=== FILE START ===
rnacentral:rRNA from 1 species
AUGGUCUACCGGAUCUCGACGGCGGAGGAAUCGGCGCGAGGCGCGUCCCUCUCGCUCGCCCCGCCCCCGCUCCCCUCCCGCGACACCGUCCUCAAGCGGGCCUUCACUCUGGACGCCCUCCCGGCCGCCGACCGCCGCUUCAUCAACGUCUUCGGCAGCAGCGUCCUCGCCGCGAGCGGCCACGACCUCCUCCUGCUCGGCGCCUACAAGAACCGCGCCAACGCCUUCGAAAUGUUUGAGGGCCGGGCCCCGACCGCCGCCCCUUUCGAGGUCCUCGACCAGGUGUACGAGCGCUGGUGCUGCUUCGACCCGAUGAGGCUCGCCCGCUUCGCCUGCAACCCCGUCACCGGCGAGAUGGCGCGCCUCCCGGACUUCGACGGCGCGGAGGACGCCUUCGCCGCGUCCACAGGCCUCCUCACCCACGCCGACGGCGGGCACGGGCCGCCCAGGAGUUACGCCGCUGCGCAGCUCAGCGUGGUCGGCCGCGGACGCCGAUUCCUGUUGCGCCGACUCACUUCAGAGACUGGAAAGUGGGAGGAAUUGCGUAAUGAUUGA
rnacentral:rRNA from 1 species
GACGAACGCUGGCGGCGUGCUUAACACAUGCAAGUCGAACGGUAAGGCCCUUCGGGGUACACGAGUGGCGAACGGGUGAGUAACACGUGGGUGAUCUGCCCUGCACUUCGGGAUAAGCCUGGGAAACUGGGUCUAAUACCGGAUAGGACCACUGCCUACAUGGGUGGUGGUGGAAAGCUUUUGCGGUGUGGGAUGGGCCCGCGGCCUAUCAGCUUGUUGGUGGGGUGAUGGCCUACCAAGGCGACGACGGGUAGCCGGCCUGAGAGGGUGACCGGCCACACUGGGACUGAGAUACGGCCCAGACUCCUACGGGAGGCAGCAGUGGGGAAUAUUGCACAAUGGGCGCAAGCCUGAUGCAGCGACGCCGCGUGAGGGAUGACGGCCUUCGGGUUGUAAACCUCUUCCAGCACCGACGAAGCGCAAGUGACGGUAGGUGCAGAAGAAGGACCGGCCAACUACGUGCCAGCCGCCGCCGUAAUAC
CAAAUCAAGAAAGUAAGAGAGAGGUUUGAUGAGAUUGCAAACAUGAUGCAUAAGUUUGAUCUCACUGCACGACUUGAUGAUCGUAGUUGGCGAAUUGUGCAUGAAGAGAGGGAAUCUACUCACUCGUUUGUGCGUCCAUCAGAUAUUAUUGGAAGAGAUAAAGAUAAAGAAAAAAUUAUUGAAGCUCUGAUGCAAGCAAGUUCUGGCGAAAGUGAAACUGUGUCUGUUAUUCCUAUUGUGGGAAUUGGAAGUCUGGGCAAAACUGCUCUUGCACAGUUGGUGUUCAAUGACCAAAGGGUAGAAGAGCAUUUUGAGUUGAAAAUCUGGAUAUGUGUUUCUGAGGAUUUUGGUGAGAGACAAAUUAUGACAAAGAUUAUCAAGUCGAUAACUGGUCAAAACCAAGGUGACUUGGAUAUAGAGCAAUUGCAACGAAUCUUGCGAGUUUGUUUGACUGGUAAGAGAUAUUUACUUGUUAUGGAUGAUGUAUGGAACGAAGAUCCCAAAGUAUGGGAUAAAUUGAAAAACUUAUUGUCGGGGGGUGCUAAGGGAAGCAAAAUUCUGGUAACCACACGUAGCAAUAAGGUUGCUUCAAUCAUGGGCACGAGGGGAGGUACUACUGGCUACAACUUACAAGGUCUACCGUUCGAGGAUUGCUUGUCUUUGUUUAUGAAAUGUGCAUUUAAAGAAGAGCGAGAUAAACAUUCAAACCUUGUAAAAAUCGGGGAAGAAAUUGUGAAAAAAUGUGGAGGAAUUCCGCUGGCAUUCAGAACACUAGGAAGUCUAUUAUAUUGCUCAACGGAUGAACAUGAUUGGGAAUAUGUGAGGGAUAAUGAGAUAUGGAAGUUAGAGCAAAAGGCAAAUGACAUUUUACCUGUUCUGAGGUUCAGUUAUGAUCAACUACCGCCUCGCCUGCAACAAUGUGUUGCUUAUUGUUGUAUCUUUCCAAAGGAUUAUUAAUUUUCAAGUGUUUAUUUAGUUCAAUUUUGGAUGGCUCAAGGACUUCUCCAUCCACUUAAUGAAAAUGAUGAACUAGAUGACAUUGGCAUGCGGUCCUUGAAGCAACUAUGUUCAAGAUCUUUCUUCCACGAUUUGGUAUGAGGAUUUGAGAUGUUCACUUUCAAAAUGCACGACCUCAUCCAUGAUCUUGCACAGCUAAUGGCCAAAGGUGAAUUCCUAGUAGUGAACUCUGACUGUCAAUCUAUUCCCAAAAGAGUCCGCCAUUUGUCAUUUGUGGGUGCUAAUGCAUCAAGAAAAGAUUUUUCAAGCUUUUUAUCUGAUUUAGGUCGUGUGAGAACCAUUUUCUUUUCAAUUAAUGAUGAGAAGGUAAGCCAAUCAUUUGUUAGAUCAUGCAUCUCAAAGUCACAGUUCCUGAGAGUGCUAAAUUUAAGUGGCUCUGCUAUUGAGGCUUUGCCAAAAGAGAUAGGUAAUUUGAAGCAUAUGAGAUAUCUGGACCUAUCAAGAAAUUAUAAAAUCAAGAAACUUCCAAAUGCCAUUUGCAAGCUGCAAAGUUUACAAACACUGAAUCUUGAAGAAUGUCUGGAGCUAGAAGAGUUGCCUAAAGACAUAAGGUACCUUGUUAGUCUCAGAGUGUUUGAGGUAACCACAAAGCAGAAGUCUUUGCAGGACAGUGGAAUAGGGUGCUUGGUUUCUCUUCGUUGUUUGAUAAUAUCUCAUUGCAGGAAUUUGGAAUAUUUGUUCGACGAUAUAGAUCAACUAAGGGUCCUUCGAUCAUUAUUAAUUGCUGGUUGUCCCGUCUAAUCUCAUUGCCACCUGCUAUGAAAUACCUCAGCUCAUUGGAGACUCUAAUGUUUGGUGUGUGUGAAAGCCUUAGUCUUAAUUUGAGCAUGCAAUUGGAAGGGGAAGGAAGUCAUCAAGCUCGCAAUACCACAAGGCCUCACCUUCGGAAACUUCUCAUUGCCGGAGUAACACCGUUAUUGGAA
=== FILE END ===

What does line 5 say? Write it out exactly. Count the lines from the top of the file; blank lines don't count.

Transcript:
CAAAUCAAGAAAGUAAGAGAGAGGUUUGAUGAGAUUGCAAACAUGAUGCAUAAGUUUGAUCUCACUGCACGACUUGAUGAUCGUAGUUGGCGAAUUGUGCAUGAAGAGAGGGAAUCUACUCACUCGUUUGUGCGUCCAUCAGAUAUUAUUGGAAGAGAUAAAGAUAAAGAAAAAAUUAUUGAAGCUCUGAUGCAAGCAAGUUCUGGCGAAAGUGAAACUGUGUCUGUUAUUCCUAUUGUGGGAAUUGGAAGUCUGGGCAAAACUGCUCUUGCACAGUUGGUGUUCAAUGACCAAAGGGUAGAAGAGCAUUUUGAGUUGAAAAUCUGGAUAUGUGUUUCUGAGGAUUUUGGUGAGAGACAAAUUAUGACAAAGAUUAUCAAGUCGAUAACUGGUCAAAACCAAGGUGACUUGGAUAUAGAGCAAUUGCAACGAAUCUUGCGAGUUUGUUUGACUGGUAAGAGAUAUUUACUUGUUAUGGAUGAUGUAUGGAACGAAGAUCCCAAAGUAUGGGAUAAAUUGAAAAACUUAUUGUCGGGGGGUGCUAAGGGAAGCAAAAUUCUGGUAACCACACGUAGCAAUAAGGUUGCUUCAAUCAUGGGCACGAGGGGAGGUACUACUGGCUACAACUUACAAGGUCUACCGUUCGAGGAUUGCUUGUCUUUGUUUAUGAAAUGUGCAUUUAAAGAAGAGCGAGAUAAACAUUCAAACCUUGUAAAAAUCGGGGAAGAAAUUGUGAAAAAAUGUGGAGGAAUUCCGCUGGCAUUCAGAACACUAGGAAGUCUAUUAUAUUGCUCAACGGAUGAACAUGAUUGGGAAUAUGUGAGGGAUAAUGAGAUAUGGAAGUUAGAGCAAAAGGCAAAUGACAUUUUACCUGUUCUGAGGUUCAGUUAUGAUCAACUACCGCCUCGCCUGCAACAAUGUGUUGCUUAUUGUUGUAUCUUUCCAAAGGAUUAUUAAUUUUCAAGUGUUUAUUUAGUUCAAUUUUGGAUGGCUCAAGGACUUCUCCAUCCACUUAAUGAAAAUGAUGAACUAGAUGACAUUGGCAUGCGGUCCUUGAAGCAACUAUGUUCAAGAUCUUUCUUCCACGAUUUGGUAUGAGGAUUUGAGAUGUUCACUUUCAAAAUGCACGACCUCAUCCAUGAUCUUGCACAGCUAAUGGCCAAAGGUGAAUUCCUAGUAGUGAACUCUGACUGUCAAUCUAUUCCCAAAAGAGUCCGCCAUUUGUCAUUUGUGGGUGCUAAUGCAUCAAGAAAAGAUUUUUCAAGCUUUUUAUCUGAUUUAGGUCGUGUGAGAACCAUUUUCUUUUCAAUUAAUGAUGAGAAGGUAAGCCAAUCAUUUGUUAGAUCAUGCAUCUCAAAGUCACAGUUCCUGAGAGUGCUAAAUUUAAGUGGCUCUGCUAUUGAGGCUUUGCCAAAAGAGAUAGGUAAUUUGAAGCAUAUGAGAUAUCUGGACCUAUCAAGAAAUUAUAAAAUCAAGAAACUUCCAAAUGCCAUUUGCAAGCUGCAAAGUUUACAAACACUGAAUCUUGAAGAAUGUCUGGAGCUAGAAGAGUUGCCUAAAGACAUAAGGUACCUUGUUAGUCUCAGAGUGUUUGAGGUAACCACAAAGCAGAAGUCUUUGCAGGACAGUGGAAUAGGGUGCUUGGUUUCUCUUCGUUGUUUGAUAAUAUCUCAUUGCAGGAAUUUGGAAUAUUUGUUCGACGAUAUAGAUCAACUAAGGGUCCUUCGAUCAUUAUUAAUUGCUGGUUGUCCCGUCUAAUCUCAUUGCCACCUGCUAUGAAAUACCUCAGCUCAUUGGAGACUCUAAUGUUUGGUGUGUGUGAAAGCCUUAGUCUUAAUUUGAGCAUGCAAUUGGAAGGGGAAGGAAGUCAUCAAGCUCGCAAUACCACAAGGCCUCACCUUCGGAAACUUCUCAUUGCCGGAGUAACACCGUUAUUGGAA